Here's Why The Reserve Bank Should Raise Rates To Cool Housing, But Can't

Getty/ Michael Dodge

The RBA is concerned about the destabilising impact of property prices on the broader economy once the music stops.

As a result the chorus for limits on lending – so called macro-prudential rules – to certain sectors of the borrowing public have risen. But for all his protestations to the opposite, RBA Governor Glenn Stevens’ recent conversion to the ranks of those who think macro-prudential limits on lending are “worth a try”, seem hollow.

Real estate is one of those markets where the last transaction sets the parameters for the next transaction. Say a house in your street goes for $50,000 more than reserve, there is every chance that adjusted for property differences, your house is now worth more.

Likewise, as properties on the water or in close proximity to the city increase (or decrease as may also be the case) we tend to see suburbs close to those suburbs also rise as buyers either see value or can’t quite afford the exact property they want closer in.

It all means that the marginal player – or the last buyer or seller – sets the price.

In other words, given property in Australia is largely purchased with some amount of debt, the reality in Australia is that he who has the biggest borrowing potential, or can carry the largest mortgage, sets the price.

Which is why the RBA is so worried about investors, borrowing under the tax shelter of negative gearing and able to deduct their interest costs from income, driving property prices higher in Sydney and around the country with no net benefit to the economy. Indeed potentially increasing instability.

Macro-prudential rules usually limit lending on higher risk loans which, by a generally accepted definition, are those loans where a larger proportion of the purchase price is financed through debt – high loan-to-valuation (LVR) loans. Investors often have low LVR’s or at least under the 80% level which would attract lenders mortgage insurance.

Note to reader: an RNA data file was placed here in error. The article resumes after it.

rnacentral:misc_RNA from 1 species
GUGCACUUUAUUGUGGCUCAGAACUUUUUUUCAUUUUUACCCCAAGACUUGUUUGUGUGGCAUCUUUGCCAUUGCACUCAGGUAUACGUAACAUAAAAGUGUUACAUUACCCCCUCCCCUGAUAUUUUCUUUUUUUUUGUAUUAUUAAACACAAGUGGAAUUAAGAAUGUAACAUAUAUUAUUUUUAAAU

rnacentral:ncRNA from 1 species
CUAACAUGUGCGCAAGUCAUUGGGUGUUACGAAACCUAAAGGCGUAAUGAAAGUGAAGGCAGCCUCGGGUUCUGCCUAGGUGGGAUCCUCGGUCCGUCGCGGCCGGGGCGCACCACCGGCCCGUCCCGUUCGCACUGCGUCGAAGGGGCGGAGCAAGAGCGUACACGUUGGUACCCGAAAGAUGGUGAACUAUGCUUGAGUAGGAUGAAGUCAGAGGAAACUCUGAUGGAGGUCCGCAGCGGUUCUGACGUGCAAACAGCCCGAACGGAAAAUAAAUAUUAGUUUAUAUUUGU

So they may not work anyway.

Which brings us to the discussion about higher rates in Australia.

On Tuesday AFR journalist Christopher Joye quoted a “senior banker” who believes that the only way to pull things up in the housing market is for the RBA to “simply bite the bullet and lift interest rates by 25 basis points to send a shot across the bows of borrowers to remind them that the lowest home loan costs in history cannot stay with us forever.”

But would that work if the RBA wasn’t really signalling the start of an interest rate cycle?

Probably not and given their assessment is that “most data are consistent with moderate growth in the economy.”

So macro-prudential may not work effectively. The economy can’t bear too many interest rate hikes and if the RBA is only going to tighten once so it won’t really startle the horses then it may be difficult to cool the housing market through these means.

But as Martin Wolf wrote in the Financial Times this morning – more trouble lies ahead for the Australian economy if the RBA and APRA cannot find a way to get through to investors and cool the market.

“These credit booms did not come out of nowhere. They are the outcome of the policies adopted to sustain demand as previous bubbles collapsed, usually elsewhere in the world economy. That is what has happened to China. We need to escape from this grim and apparently relentless cycle. But for now, we have made a Faustian bargain with private sector-driven credit booms. A great deal more trouble surely lies ahead,” Wolf wrote.

All of which leaves the Reserve Bank, Governor Stevens and APRA caught between a rock and a hard place. But the consequences of a misstep now, as Wolf points out, could be dire for the Australian economy.

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